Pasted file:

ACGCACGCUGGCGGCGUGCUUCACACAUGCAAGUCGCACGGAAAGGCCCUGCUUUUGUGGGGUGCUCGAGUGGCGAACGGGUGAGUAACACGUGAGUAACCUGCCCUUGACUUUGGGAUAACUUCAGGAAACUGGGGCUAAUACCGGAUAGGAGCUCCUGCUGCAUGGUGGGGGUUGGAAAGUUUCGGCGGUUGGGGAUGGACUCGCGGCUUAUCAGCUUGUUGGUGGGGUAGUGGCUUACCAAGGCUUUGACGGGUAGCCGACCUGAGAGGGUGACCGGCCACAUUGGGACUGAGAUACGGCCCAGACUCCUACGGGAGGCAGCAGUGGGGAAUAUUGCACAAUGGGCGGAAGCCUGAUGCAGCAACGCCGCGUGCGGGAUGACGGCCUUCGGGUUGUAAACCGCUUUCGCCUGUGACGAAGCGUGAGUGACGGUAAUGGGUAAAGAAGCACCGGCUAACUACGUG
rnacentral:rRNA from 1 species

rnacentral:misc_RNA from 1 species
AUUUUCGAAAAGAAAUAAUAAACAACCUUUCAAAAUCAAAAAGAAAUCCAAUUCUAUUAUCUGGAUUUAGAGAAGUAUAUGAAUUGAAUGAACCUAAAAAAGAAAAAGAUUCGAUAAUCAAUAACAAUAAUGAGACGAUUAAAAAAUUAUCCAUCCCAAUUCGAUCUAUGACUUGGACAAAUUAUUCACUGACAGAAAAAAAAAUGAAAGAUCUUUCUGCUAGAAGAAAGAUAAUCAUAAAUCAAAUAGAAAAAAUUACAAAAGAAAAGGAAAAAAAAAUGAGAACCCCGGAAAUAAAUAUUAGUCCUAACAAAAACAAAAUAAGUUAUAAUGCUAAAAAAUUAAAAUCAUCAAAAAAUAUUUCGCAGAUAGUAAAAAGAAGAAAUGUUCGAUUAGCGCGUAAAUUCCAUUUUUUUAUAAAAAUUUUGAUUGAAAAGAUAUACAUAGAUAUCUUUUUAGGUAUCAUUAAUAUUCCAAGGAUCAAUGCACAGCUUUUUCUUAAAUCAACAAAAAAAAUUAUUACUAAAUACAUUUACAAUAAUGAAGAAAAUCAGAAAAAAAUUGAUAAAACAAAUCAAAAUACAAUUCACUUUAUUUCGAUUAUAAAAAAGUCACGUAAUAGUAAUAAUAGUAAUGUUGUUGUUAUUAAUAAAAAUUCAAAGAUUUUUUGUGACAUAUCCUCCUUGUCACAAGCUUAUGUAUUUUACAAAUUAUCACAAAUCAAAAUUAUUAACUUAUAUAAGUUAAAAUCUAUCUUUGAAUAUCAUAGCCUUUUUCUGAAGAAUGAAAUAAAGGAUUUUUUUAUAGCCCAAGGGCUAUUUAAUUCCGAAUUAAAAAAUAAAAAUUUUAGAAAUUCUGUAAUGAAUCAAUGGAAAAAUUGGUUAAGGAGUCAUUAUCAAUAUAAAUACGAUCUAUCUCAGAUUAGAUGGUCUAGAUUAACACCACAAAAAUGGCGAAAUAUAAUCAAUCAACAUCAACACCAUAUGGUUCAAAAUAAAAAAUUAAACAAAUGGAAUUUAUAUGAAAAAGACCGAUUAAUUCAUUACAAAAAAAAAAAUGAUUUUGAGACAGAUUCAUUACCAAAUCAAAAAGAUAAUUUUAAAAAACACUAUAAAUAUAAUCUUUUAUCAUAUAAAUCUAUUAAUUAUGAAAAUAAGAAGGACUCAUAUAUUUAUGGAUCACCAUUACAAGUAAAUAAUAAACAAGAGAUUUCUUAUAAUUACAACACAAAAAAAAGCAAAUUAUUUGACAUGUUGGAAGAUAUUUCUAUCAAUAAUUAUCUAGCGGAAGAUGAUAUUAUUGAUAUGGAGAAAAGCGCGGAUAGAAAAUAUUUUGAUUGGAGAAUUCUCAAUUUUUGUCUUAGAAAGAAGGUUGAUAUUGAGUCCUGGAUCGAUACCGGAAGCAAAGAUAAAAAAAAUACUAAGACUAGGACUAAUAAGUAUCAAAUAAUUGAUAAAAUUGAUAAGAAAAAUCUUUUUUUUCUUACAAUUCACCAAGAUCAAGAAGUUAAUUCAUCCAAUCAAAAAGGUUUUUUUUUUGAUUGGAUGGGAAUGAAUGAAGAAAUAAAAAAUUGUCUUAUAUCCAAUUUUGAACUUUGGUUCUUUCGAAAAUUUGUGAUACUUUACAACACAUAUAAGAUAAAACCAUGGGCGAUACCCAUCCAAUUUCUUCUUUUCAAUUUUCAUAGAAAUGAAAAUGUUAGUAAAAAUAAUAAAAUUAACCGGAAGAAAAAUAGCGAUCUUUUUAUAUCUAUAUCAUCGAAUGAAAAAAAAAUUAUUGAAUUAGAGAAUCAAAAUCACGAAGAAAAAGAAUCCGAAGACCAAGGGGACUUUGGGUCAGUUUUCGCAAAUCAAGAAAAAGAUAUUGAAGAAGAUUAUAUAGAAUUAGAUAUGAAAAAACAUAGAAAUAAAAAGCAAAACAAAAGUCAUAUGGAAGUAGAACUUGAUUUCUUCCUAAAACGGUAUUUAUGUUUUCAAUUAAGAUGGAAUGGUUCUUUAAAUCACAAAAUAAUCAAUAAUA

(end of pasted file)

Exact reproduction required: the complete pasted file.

ACGCACGCUGGCGGCGUGCUUCACACAUGCAAGUCGCACGGAAAGGCCCUGCUUUUGUGGGGUGCUCGAGUGGCGAACGGGUGAGUAACACGUGAGUAACCUGCCCUUGACUUUGGGAUAACUUCAGGAAACUGGGGCUAAUACCGGAUAGGAGCUCCUGCUGCAUGGUGGGGGUUGGAAAGUUUCGGCGGUUGGGGAUGGACUCGCGGCUUAUCAGCUUGUUGGUGGGGUAGUGGCUUACCAAGGCUUUGACGGGUAGCCGACCUGAGAGGGUGACCGGCCACAUUGGGACUGAGAUACGGCCCAGACUCCUACGGGAGGCAGCAGUGGGGAAUAUUGCACAAUGGGCGGAAGCCUGAUGCAGCAACGCCGCGUGCGGGAUGACGGCCUUCGGGUUGUAAACCGCUUUCGCCUGUGACGAAGCGUGAGUGACGGUAAUGGGUAAAGAAGCACCGGCUAACUACGUG
rnacentral:rRNA from 1 species

rnacentral:misc_RNA from 1 species
AUUUUCGAAAAGAAAUAAUAAACAACCUUUCAAAAUCAAAAAGAAAUCCAAUUCUAUUAUCUGGAUUUAGAGAAGUAUAUGAAUUGAAUGAACCUAAAAAAGAAAAAGAUUCGAUAAUCAAUAACAAUAAUGAGACGAUUAAAAAAUUAUCCAUCCCAAUUCGAUCUAUGACUUGGACAAAUUAUUCACUGACAGAAAAAAAAAUGAAAGAUCUUUCUGCUAGAAGAAAGAUAAUCAUAAAUCAAAUAGAAAAAAUUACAAAAGAAAAGGAAAAAAAAAUGAGAACCCCGGAAAUAAAUAUUAGUCCUAACAAAAACAAAAUAAGUUAUAAUGCUAAAAAAUUAAAAUCAUCAAAAAAUAUUUCGCAGAUAGUAAAAAGAAGAAAUGUUCGAUUAGCGCGUAAAUUCCAUUUUUUUAUAAAAAUUUUGAUUGAAAAGAUAUACAUAGAUAUCUUUUUAGGUAUCAUUAAUAUUCCAAGGAUCAAUGCACAGCUUUUUCUUAAAUCAACAAAAAAAAUUAUUACUAAAUACAUUUACAAUAAUGAAGAAAAUCAGAAAAAAAUUGAUAAAACAAAUCAAAAUACAAUUCACUUUAUUUCGAUUAUAAAAAAGUCACGUAAUAGUAAUAAUAGUAAUGUUGUUGUUAUUAAUAAAAAUUCAAAGAUUUUUUGUGACAUAUCCUCCUUGUCACAAGCUUAUGUAUUUUACAAAUUAUCACAAAUCAAAAUUAUUAACUUAUAUAAGUUAAAAUCUAUCUUUGAAUAUCAUAGCCUUUUUCUGAAGAAUGAAAUAAAGGAUUUUUUUAUAGCCCAAGGGCUAUUUAAUUCCGAAUUAAAAAAUAAAAAUUUUAGAAAUUCUGUAAUGAAUCAAUGGAAAAAUUGGUUAAGGAGUCAUUAUCAAUAUAAAUACGAUCUAUCUCAGAUUAGAUGGUCUAGAUUAACACCACAAAAAUGGCGAAAUAUAAUCAAUCAACAUCAACACCAUAUGGUUCAAAAUAAAAAAUUAAACAAAUGGAAUUUAUAUGAAAAAGACCGAUUAAUUCAUUACAAAAAAAAAAAUGAUUUUGAGACAGAUUCAUUACCAAAUCAAAAAGAUAAUUUUAAAAAACACUAUAAAUAUAAUCUUUUAUCAUAUAAAUCUAUUAAUUAUGAAAAUAAGAAGGACUCAUAUAUUUAUGGAUCACCAUUACAAGUAAAUAAUAAACAAGAGAUUUCUUAUAAUUACAACACAAAAAAAAGCAAAUUAUUUGACAUGUUGGAAGAUAUUUCUAUCAAUAAUUAUCUAGCGGAAGAUGAUAUUAUUGAUAUGGAGAAAAGCGCGGAUAGAAAAUAUUUUGAUUGGAGAAUUCUCAAUUUUUGUCUUAGAAAGAAGGUUGAUAUUGAGUCCUGGAUCGAUACCGGAAGCAAAGAUAAAAAAAAUACUAAGACUAGGACUAAUAAGUAUCAAAUAAUUGAUAAAAUUGAUAAGAAAAAUCUUUUUUUUCUUACAAUUCACCAAGAUCAAGAAGUUAAUUCAUCCAAUCAAAAAGGUUUUUUUUUUGAUUGGAUGGGAAUGAAUGAAGAAAUAAAAAAUUGUCUUAUAUCCAAUUUUGAACUUUGGUUCUUUCGAAAAUUUGUGAUACUUUACAACACAUAUAAGAUAAAACCAUGGGCGAUACCCAUCCAAUUUCUUCUUUUCAAUUUUCAUAGAAAUGAAAAUGUUAGUAAAAAUAAUAAAAUUAACCGGAAGAAAAAUAGCGAUCUUUUUAUAUCUAUAUCAUCGAAUGAAAAAAAAAUUAUUGAAUUAGAGAAUCAAAAUCACGAAGAAAAAGAAUCCGAAGACCAAGGGGACUUUGGGUCAGUUUUCGCAAAUCAAGAAAAAGAUAUUGAAGAAGAUUAUAUAGAAUUAGAUAUGAAAAAACAUAGAAAUAAAAAGCAAAACAAAAGUCAUAUGGAAGUAGAACUUGAUUUCUUCCUAAAACGGUAUUUAUGUUUUCAAUUAAGAUGGAAUGGUUCUUUAAAUCACAAAAUAAUCAAUAAUA